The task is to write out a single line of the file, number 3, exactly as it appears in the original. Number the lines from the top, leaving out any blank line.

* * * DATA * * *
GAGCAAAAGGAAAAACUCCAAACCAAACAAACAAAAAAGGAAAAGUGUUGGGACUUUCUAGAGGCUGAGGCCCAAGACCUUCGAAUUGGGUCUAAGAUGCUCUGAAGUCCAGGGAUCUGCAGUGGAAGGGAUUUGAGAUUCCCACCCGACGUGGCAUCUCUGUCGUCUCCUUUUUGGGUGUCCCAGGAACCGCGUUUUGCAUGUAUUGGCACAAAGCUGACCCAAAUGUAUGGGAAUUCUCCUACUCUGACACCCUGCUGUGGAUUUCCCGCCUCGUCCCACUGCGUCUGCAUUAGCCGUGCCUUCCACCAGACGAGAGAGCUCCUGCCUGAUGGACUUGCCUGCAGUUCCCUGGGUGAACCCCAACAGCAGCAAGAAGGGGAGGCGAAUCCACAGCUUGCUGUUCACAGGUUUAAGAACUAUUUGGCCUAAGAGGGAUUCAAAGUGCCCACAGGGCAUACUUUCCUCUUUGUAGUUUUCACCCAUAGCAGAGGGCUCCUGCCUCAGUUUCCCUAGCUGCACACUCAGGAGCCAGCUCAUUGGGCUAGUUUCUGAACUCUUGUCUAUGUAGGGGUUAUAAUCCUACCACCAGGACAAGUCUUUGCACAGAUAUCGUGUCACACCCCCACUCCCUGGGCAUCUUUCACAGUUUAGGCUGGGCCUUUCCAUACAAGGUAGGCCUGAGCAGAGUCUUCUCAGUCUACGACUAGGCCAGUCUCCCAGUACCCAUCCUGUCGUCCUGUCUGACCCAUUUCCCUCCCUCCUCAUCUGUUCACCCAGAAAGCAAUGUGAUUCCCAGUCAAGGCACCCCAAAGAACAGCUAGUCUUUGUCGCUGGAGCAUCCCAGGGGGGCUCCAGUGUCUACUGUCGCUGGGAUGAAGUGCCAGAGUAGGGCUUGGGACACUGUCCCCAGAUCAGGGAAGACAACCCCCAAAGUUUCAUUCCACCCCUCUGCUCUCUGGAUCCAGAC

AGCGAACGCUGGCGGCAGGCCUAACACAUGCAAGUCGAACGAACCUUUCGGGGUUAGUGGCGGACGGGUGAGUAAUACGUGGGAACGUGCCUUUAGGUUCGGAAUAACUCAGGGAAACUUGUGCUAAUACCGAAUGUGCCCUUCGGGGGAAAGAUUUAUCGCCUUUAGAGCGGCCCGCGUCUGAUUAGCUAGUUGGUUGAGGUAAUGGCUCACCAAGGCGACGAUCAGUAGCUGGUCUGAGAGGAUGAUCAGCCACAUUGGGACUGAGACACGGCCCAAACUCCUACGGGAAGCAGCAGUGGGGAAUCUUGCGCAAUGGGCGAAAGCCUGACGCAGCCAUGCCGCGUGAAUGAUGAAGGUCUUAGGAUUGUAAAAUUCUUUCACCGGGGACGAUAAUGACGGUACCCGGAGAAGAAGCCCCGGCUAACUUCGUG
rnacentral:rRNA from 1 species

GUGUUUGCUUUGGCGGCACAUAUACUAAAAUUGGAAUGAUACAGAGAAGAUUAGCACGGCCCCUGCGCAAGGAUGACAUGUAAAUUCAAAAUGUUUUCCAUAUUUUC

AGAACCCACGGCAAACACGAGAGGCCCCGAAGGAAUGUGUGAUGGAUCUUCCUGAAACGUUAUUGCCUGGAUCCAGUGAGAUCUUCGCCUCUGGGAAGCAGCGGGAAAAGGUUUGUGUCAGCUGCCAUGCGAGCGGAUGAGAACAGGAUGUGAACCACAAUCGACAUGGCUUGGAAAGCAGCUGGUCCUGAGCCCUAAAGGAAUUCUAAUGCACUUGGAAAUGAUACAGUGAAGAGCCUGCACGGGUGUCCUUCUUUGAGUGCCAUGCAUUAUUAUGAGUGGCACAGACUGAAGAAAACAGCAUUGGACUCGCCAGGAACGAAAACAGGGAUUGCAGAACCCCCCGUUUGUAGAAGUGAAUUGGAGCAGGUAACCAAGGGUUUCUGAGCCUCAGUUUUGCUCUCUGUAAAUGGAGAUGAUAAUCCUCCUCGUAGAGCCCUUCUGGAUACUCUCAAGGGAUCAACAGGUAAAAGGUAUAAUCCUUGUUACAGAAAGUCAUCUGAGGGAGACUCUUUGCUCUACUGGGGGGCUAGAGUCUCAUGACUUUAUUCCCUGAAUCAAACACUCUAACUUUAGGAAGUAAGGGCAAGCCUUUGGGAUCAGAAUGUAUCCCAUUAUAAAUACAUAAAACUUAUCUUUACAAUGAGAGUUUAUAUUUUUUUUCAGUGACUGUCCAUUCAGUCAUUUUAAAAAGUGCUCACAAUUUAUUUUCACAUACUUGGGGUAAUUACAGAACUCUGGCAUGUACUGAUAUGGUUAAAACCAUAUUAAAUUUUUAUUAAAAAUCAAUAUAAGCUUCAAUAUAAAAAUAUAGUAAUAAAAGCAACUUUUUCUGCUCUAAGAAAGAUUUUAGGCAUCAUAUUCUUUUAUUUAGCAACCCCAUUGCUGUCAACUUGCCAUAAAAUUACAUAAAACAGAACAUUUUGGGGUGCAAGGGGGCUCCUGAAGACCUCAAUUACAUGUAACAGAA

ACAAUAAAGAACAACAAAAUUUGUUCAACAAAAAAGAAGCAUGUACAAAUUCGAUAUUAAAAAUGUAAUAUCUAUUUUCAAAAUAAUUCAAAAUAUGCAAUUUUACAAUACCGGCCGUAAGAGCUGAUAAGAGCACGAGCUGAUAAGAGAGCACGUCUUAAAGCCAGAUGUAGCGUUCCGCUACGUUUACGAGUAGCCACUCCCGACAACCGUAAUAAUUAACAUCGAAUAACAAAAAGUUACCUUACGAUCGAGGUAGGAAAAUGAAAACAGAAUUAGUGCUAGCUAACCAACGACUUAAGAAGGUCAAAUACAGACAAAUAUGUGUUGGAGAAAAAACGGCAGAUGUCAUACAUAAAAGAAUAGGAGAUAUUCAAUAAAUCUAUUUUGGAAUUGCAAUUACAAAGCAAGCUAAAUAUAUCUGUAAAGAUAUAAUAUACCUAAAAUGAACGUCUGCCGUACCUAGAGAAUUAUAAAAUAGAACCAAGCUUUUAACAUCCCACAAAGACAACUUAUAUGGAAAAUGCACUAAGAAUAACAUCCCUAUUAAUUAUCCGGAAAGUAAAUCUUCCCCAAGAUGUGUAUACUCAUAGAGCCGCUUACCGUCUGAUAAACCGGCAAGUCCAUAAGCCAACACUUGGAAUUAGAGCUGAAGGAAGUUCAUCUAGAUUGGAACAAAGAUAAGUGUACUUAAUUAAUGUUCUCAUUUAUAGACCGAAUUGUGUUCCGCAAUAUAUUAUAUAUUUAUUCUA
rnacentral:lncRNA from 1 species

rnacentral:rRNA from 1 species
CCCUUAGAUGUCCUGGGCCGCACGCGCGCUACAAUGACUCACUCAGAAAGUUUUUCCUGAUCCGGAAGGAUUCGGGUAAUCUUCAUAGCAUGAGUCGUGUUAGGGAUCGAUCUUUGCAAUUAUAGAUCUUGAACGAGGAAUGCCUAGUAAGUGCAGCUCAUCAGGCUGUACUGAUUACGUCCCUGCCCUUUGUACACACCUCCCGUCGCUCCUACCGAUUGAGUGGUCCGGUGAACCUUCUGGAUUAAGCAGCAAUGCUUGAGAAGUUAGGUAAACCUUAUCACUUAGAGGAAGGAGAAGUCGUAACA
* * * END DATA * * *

rnacentral:rRNA from 1 species